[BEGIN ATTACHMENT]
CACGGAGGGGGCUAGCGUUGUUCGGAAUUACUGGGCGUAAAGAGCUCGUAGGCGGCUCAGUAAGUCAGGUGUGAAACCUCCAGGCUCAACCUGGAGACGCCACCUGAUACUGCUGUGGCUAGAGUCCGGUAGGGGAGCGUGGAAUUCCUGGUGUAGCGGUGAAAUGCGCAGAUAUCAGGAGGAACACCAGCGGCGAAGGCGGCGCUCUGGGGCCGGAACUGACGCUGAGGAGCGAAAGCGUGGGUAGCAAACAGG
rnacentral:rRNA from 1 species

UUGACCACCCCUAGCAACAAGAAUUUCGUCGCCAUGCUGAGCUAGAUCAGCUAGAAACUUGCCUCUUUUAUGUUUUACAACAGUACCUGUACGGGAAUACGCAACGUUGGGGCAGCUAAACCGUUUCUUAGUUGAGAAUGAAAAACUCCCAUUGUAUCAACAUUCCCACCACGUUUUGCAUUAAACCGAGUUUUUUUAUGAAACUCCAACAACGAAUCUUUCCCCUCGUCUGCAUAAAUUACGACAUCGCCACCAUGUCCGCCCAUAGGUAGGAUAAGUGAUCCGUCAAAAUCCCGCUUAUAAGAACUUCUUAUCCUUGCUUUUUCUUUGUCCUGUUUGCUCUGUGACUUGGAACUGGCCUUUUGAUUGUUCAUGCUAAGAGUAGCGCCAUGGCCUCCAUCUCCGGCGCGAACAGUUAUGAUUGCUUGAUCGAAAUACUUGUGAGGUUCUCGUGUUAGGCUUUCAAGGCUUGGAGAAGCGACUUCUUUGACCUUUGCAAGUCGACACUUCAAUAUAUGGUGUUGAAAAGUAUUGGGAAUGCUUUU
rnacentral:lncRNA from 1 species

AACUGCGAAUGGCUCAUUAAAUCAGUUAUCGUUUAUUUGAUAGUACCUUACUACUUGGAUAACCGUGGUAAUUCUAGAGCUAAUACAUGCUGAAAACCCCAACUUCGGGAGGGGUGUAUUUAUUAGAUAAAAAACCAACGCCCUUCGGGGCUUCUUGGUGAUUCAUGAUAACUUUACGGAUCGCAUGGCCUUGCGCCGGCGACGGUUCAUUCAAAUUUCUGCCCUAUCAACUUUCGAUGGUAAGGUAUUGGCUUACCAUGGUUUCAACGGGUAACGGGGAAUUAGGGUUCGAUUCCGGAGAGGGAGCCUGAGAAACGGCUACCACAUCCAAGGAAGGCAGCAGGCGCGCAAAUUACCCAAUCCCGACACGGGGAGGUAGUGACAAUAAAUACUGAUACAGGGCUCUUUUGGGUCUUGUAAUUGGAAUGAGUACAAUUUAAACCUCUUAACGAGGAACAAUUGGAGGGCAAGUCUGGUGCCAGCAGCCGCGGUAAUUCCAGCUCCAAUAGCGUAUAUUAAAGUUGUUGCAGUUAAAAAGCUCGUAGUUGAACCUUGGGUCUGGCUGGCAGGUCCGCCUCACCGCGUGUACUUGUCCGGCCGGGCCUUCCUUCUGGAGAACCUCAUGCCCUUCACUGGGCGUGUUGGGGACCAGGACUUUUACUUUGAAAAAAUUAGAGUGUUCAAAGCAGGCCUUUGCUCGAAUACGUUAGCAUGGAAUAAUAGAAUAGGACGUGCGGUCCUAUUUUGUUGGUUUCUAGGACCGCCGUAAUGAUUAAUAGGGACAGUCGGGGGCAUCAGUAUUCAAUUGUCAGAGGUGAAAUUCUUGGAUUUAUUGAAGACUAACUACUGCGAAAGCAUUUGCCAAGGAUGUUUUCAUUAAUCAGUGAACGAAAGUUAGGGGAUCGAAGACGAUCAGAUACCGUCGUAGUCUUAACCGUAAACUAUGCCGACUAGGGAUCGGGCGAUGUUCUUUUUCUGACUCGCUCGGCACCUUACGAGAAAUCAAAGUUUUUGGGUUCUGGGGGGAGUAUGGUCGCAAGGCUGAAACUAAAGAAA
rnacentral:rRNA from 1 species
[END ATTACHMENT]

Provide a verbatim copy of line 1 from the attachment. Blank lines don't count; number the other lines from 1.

CACGGAGGGGGCUAGCGUUGUUCGGAAUUACUGGGCGUAAAGAGCUCGUAGGCGGCUCAGUAAGUCAGGUGUGAAACCUCCAGGCUCAACCUGGAGACGCCACCUGAUACUGCUGUGGCUAGAGUCCGGUAGGGGAGCGUGGAAUUCCUGGUGUAGCGGUGAAAUGCGCAGAUAUCAGGAGGAACACCAGCGGCGAAGGCGGCGCUCUGGGGCCGGAACUGACGCUGAGGAGCGAAAGCGUGGGUAGCAAACAGG